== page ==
Jamie Morton

Jamie Morton is science reporter at the NZ Herald.

Winners take aim at new targets

Photo / Getty Images
Photo / Getty Images

A group that helped sway Hamilton City Council to stop fluoridating its water is now taking aim at Auckland, Wellington and other centres.

The 7-1 vote this week by Hamilton councillors has sparked calls for health officials to take a more hands-on approach to the issue, and the Ministry of Health says it will review its options next week.

Twenty-two of New Zealand's 67 councils add fluoride to their drinking water supplies, and officials see it as a safe and cost-effective way to reduce tooth decay, particularly in low socio-economic groups.

But opponents such as the Fluoride Action Network New Zealand say fluoridation is "mass medication" with a chemical they claim is harmful and is linked to arthritis and cancer.

The group is targeting the Whakatane and Hastings councils, which are holding fluoridation referendums with local body elections this year, as well as larger councils such as Wellington and Auckland.

By the end of this month, Hamilton will become the second largest city to go without fluoridation.

Mary Byrne, national co-ordinator for the Fluoride Action Network NZ, said there were growing efforts to lobby Auckland Council, while her personal focus would be on Wellington City Council.

But a Wellington City Council spokesman said there were no plans to change its policy.

The Auckland Council is to prepare a water strategic action plan that will look at a range of issues relating to the region's water supply over the next 20 to 30 years.

Health authorities have reacted with dismay and concern to Hamilton's decision.

"The current problem is we have clear guidelines and statements from the Ministry of Health, but the decisions are left up to local councils, and the local councils can be easily influenced," said the president of the New Zealand Dental Association's Otago branch, Dr Jonathan Broadbent.

The Ministry of Health and district health boards could only offer advice and expertise on fluoridation - and Dr Broadbent said he wanted to see their policy put into practice.

"For every dollar spent on water fluoridation, 38 dollars are saved in un-needed dental treatment."

Labour's health spokeswoman Annette King said she had tried to find a better approach to fluoridation in a forum she organised as health Minister in the early 2000s.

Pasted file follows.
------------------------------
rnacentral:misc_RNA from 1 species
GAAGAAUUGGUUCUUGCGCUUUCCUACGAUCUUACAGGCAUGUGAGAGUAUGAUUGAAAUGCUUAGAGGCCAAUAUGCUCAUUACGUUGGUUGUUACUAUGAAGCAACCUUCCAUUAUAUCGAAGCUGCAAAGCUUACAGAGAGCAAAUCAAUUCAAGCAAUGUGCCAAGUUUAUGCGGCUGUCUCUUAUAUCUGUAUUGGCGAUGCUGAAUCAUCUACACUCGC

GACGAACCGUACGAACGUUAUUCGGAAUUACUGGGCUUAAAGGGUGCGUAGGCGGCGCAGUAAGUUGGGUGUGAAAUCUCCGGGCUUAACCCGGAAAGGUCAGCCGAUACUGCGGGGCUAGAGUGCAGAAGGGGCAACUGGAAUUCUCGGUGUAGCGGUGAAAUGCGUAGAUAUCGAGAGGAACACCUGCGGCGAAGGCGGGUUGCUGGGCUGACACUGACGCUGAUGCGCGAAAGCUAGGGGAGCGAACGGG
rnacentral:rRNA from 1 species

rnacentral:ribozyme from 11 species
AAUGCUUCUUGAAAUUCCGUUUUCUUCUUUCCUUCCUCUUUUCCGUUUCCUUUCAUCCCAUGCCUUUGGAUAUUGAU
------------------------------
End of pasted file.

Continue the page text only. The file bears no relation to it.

She believed it was now time to review who should make decisions on fluoride - powers that Local Government New Zealand also says should never have been given to councils.

Even Hamilton Mayor Julie Hardaker, who tabled the motion to remove fluoride, said the issue was a public health matter that the government needed to determine, and her council would write to Health Minister Tony Ryall.

Mr Ryall's office referred comment to Associate Minister Tariana Turia's office, which in turned referred comment to the ministry.

The ministry's chief adviser on child and youth health, Pat Tuohy, believed it was legitimate for councils to make their own decisions if they were acceptable and fell within their power. He said the establishment of a new advocacy group would be considered when the issue is discussed next week.

Fluoride in New Zealand

Who's got it

Auckland, Wellington, Masterton, Lower Hutt, Upper Hutt, Taupo, Gisborne, Whakatane, Hastings, Palmerston North, Dunedin and Invercargill. Whakatane and Hastings are holding referendums this year.

Who hasn't got it

Christchurch, Whangarei, Tauranga, Rotorua, Napier, Wanganui, Nelson, Timaru and Greymouth have never fluoridated their water. New Plymouth, and now Hamilton, decided to stop doing so.

Read more:

Jonathan Broadbent: For fluoride
Mary Byrne: Against fluoride

- NZ Herald

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